Andres Jaimes

Setting up a WebDAV server

By Andres Jaimes

Do you want to install a WevDAV server? This article is for you.

What is WebDAV?

WebDAV is a protocol that lets you read and write files on the web almost as if you were accessing local files. You can create folders and files, as well as rename them, delete them and perform most common operations on them.

It stands for Web-based Distributed Authoring and Versioning. Since WebDAV is an extension to the HTTP protocol, you can still use features like security during file transfers (via HTTPS) or password protection on files and folders on the server.

Why a WebDAV server?

Because that way you can access your files from any computer connected to the web. The information where you need it, when you need it.

But, why not to use FTP, HTTP, or SSH?

FTP. It lacks security. Usernames and passwords are sent in clear text and can be intercepted by someone else.

HTTP. You can get documents, but how do you put them back on the server? Or what if you need to copy a folder and all its contents? Will you click on every link to download them?

SSH. You need a special application installed on the client to connect to your files. What if you cannot install it? If you cannot setup file transfer on client computer, how are you going to edit that Word document?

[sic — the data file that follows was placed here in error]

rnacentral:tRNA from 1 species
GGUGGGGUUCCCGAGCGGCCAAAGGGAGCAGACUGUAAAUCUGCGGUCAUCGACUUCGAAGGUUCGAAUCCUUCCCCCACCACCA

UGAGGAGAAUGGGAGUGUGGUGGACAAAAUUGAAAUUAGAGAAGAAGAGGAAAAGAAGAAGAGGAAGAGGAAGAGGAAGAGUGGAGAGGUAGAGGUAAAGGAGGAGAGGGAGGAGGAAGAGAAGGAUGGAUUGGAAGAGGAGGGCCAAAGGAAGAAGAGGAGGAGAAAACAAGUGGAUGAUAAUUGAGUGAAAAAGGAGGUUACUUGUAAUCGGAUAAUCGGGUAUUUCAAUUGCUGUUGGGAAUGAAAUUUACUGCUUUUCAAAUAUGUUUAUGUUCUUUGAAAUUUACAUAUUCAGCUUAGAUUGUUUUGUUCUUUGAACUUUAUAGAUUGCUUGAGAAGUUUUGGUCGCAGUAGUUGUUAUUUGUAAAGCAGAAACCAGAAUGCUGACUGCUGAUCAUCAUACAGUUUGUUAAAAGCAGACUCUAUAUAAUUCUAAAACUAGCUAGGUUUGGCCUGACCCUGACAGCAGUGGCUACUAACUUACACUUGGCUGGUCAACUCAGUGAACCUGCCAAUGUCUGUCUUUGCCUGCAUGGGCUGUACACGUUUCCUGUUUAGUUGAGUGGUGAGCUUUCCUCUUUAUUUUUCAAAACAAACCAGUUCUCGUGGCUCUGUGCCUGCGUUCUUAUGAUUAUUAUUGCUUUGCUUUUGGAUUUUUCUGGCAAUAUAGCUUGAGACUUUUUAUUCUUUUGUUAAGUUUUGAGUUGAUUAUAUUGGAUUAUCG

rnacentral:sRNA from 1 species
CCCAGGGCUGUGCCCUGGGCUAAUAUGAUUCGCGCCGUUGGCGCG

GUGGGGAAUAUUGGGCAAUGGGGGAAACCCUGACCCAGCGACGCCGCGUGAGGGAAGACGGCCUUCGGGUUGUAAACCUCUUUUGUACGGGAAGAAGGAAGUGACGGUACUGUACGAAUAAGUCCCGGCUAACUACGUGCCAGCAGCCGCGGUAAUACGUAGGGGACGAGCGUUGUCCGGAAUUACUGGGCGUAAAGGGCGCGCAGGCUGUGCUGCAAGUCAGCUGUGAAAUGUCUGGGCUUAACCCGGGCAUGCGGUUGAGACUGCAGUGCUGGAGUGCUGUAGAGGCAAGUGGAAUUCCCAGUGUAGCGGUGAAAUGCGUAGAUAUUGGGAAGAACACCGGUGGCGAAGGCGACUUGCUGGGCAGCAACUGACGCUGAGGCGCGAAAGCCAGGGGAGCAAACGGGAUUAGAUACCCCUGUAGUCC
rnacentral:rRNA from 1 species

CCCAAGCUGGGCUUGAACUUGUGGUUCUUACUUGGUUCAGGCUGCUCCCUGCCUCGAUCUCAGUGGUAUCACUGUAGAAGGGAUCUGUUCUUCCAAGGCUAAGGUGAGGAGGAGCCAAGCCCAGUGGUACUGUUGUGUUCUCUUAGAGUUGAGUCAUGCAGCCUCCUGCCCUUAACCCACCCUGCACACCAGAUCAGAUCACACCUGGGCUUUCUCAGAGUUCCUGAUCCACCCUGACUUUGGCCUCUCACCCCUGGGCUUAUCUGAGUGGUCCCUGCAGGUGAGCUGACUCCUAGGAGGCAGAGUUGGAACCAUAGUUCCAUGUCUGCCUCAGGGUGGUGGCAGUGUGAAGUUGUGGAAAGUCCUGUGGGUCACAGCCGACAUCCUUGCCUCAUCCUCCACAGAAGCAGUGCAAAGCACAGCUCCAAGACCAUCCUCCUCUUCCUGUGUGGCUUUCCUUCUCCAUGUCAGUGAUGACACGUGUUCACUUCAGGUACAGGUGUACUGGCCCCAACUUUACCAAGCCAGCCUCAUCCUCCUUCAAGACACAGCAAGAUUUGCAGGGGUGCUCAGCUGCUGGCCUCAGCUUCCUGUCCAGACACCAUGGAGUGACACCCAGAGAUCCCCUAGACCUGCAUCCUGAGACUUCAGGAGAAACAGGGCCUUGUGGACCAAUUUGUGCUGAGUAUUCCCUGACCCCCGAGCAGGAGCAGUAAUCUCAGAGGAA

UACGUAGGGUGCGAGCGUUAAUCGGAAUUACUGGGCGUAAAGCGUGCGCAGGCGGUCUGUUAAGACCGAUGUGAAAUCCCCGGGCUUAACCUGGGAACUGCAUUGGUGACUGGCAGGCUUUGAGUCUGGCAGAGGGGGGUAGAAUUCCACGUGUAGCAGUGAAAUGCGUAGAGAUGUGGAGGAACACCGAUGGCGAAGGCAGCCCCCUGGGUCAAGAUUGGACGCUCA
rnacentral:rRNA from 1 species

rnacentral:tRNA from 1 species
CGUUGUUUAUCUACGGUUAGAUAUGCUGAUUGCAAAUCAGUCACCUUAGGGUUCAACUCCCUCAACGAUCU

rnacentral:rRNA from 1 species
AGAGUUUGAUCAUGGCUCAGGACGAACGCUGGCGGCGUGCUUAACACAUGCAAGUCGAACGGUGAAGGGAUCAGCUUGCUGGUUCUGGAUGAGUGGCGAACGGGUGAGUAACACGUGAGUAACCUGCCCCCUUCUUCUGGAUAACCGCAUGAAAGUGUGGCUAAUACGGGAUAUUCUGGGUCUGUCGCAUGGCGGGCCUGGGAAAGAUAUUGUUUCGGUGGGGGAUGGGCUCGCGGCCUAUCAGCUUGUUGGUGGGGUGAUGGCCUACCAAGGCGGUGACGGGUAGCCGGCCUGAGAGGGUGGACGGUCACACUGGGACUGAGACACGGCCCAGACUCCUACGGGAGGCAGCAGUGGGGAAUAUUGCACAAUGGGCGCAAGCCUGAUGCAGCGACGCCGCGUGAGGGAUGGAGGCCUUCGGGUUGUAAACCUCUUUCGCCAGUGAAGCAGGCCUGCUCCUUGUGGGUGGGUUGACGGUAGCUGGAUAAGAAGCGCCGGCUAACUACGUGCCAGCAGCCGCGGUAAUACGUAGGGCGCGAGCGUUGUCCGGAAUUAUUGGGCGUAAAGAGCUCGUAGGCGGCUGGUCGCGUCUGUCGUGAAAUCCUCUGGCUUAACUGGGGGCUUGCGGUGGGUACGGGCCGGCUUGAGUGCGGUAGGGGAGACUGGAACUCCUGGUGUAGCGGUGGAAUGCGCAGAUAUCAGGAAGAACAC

Starting up

This installation was performed on an Ubuntu computer. If yours is not, you might still use this page as a guide or install first Ubuntu on your computer 🙂

Since WebDAV extends the HTTP protocol, first thing we need is a web server. So, install the apache server:

sudo apt-get install apache2

When installation finishes you will need to enable the DAV module which is already included in the Apache package.

sudo a2enmod dav
sudo a2enmod dav_fs

www-data is the default username created by Apache. Be sure it has write permissions to the DocumentRoot directory (this is usually /var/www)

sudo chmod -R u+w /var/www

Now, set up the digest authentication module (this is not really required, but is strongly recommended):

sudo a2enmod auth_digest

And create a couple users who can remotely modify files on the WebDAV server:

sudo htdigest -c /etc/apache2/webdav-passwd webdav user1
sudo htdigest /etc/apache2/webdav-passwd webdav user2

webdav-passwd is the file where user/password information will be stored and webdav is the realm. You can change this information to whatever you want as long as you use it consistently.

Now it’s time to edit the default apache configuration file:

sudo nano /etc/apache2/sites-available/default

Add the following lines at the end, before the </VirtualHost> line.

Alias /webdav /var/www
<Location /webdav>
  DAV on
  AuthType Digest
  AuthName webdav
  AuthDigestProvider file
  AuthUserFile /etc/apache2/webdav-passwd
  Require valid-user

What we are doing here is creating an alias (/webdav) that let us access the root of our http server (/var/www) using the WebDAV protocol (DAV on). Also we are asking that all users who want to access send a valid username and password (Require valid-user) using digest authentication (AuthType Digest). The information they send will be checked against the file we created before (AuthName, AuthDigestProvider and AuthUserFile).

Save your file. Now it’s time to reload our server for changes to take effect:

sudo /etc/init.d/apache2 force-reload

At this point, you have setup your server using the plain HTTP protocol and have setup usernames and passwords to protect from unauthorized writers. If you want to setup HTTPS keep reading.

Setting up HTTPS

First, install openssl (this should not be necessary, but just in case):

sudo apt-get install openssl